For Wallace (State of Alabama): Jefferson and Madison, strong Bill of Rights advocates, had no intention of isolating government from religion. Instead, they sought to prevent the establishment of a national church with a favored status, and to prevent discrimination against various religious groups. The Court must not forbid Alabama from endorsing prayer as a "favored practice." The law allows children to pray if they wish and not pray if they wish. The school cannot tell children that they cannot pray. The finding of the Federal Appeals Court should be reversed.

For Jaffree: There is a clear effort underway by the State of Alabama to "bring religion back into the public schools." Every public statement by the author of the Alabama law has restated that idea. The law places the force of the State of Alabama behind voluntary prayer; thus the State is no longer "neutral." The law has no "secular purpose" as established by the test created in Lemon, 1971. The moment of prayer is unconstitutional and the finding of the Federal Appeals Court should be upheld.

Decision and Rationale

The 6–3 decision of the majority was delivered by Justice Stevens. The Court overturned the Alabama "moment of silence law," terming it a violation of the 1st Amendment prohibition of government involvement in religion. Justice Stevens noted that the Court had created a test for examining questions about the separation of church and state. In the case of Lemon v. Kurtzman, 1971, the court set up a "three-pronged test." The three criteria were as follows: (1) the law must have a secular legislative purpose; (2) its primary effect must be one that neither advances nor inhibits religion; and (3) it must not foster "an excessive entanglement with religion."

Stevens found it "unnecessary to comment at length on the District Court's remarkable conclusion that the Federal Constitution imposes no obstacle to Alabama's establishment of a State religion." The law was ruled invalid after the application of only the first part of the Lemon test. "[T]he State did not show evidence of any secular legislative purpose." Stevens noted that the author of the law testified in court that his purpose was to bring voluntary prayer to the schools. Stevens believed that the use of the words "voluntary prayer" was the main problem with the Alabama law. The words, and the implication of the Alabama law, made such voluntary prayer "a favored practice." That situation was, Stevens said, "quite different from merely protecting every student's right to engage in voluntary prayer during an appropriate moment of silence."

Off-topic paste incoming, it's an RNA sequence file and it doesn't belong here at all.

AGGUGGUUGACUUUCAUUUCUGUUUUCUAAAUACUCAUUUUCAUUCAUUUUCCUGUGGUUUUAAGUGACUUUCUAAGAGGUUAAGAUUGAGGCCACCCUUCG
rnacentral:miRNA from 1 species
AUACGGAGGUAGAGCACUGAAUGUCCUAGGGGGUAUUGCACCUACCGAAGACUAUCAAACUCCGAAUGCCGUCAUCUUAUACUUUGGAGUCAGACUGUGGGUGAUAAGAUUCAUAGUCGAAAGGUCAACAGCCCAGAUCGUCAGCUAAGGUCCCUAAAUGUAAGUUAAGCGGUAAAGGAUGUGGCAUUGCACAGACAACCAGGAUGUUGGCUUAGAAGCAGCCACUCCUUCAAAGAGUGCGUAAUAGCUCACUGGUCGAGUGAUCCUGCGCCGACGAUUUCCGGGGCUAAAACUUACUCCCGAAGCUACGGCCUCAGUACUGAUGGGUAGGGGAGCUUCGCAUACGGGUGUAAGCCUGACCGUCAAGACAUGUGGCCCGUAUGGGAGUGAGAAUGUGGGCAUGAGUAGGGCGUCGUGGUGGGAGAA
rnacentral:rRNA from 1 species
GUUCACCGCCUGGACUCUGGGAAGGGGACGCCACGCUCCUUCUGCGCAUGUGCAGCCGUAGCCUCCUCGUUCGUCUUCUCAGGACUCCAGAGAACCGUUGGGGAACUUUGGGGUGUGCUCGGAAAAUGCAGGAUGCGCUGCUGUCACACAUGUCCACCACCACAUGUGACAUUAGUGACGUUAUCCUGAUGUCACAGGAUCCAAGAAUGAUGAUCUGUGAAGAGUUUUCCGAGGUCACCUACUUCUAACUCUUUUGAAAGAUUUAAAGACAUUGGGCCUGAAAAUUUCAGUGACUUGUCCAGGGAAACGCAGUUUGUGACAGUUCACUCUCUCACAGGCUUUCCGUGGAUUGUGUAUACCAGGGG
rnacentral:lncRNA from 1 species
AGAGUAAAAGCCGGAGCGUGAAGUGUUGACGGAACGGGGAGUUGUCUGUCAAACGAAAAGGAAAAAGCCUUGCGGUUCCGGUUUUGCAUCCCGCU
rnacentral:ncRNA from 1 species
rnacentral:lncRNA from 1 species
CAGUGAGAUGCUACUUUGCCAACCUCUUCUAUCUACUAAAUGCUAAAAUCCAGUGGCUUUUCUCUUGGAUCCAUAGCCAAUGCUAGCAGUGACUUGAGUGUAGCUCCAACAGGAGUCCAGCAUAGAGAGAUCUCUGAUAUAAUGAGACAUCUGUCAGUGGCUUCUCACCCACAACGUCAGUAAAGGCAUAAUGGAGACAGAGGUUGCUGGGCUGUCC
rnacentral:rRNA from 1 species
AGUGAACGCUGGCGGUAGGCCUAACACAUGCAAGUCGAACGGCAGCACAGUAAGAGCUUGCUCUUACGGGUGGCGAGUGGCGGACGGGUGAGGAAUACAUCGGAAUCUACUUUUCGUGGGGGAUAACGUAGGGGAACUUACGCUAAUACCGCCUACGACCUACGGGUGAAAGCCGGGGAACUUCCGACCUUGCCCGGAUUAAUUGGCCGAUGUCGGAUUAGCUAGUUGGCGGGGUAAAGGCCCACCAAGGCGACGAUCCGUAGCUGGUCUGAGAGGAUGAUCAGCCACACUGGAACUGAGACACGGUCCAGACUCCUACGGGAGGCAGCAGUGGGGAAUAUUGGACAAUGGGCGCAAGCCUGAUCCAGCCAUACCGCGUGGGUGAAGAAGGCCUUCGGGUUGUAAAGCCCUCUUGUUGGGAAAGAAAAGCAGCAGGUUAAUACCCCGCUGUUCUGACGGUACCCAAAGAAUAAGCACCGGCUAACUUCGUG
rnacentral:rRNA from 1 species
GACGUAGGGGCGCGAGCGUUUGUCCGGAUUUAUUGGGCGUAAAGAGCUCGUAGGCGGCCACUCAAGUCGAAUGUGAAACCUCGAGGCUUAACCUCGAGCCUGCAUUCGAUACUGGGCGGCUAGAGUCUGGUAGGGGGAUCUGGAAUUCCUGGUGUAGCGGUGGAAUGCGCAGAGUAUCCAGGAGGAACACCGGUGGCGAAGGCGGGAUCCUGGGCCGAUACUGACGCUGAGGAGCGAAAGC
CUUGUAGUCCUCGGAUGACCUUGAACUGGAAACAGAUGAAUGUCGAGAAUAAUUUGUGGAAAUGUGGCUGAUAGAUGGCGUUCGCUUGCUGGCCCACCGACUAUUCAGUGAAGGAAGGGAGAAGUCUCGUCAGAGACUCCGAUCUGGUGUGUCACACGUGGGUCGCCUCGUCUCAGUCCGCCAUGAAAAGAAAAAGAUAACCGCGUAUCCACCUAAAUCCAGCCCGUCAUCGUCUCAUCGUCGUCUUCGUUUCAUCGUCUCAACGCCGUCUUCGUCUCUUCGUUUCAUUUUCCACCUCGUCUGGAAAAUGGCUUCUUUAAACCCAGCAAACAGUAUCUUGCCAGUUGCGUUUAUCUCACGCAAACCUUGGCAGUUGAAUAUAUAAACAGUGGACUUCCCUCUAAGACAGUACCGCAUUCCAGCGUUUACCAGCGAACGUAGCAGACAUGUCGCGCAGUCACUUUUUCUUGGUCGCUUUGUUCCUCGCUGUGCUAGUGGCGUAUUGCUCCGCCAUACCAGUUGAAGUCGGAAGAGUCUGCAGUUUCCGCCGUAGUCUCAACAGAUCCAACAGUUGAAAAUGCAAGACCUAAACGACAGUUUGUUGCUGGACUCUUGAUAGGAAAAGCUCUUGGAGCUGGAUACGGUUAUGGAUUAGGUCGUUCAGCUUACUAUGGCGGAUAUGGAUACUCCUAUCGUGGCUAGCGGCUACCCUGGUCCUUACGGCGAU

Justice Rehnquist, White, and Chief Justice Burger dissented. Burger, in his dissent, stated that "it makes no sense to say that Alabama has 'endorsed prayer' by merely enacting a new statue 'to specify expressly that voluntary prayer is one of the authorized activities during a moment of silence.'"

Justice Rehnquist examined at length the history of the Establishment Clause, and arrived at the conclusion that the Court had strayed from the intent of the Framers. This was, according to Rehnquist, the prevention of the establishment of a state church and the protection of religious minorities. The intent of the Framers was not the creation of an "absolute wall of separation" between church and state.

Questions for Discussion

  1. Why do you think Justice Stevens took such careful note of the words "voluntary prayer"? Do you think Justice Stevens might have found the Alabama laws constitutional if those words were not included?
  2. What other areas of public life are affected by questions about a "wall of separation"? What is the appropriate relationship between government and religion?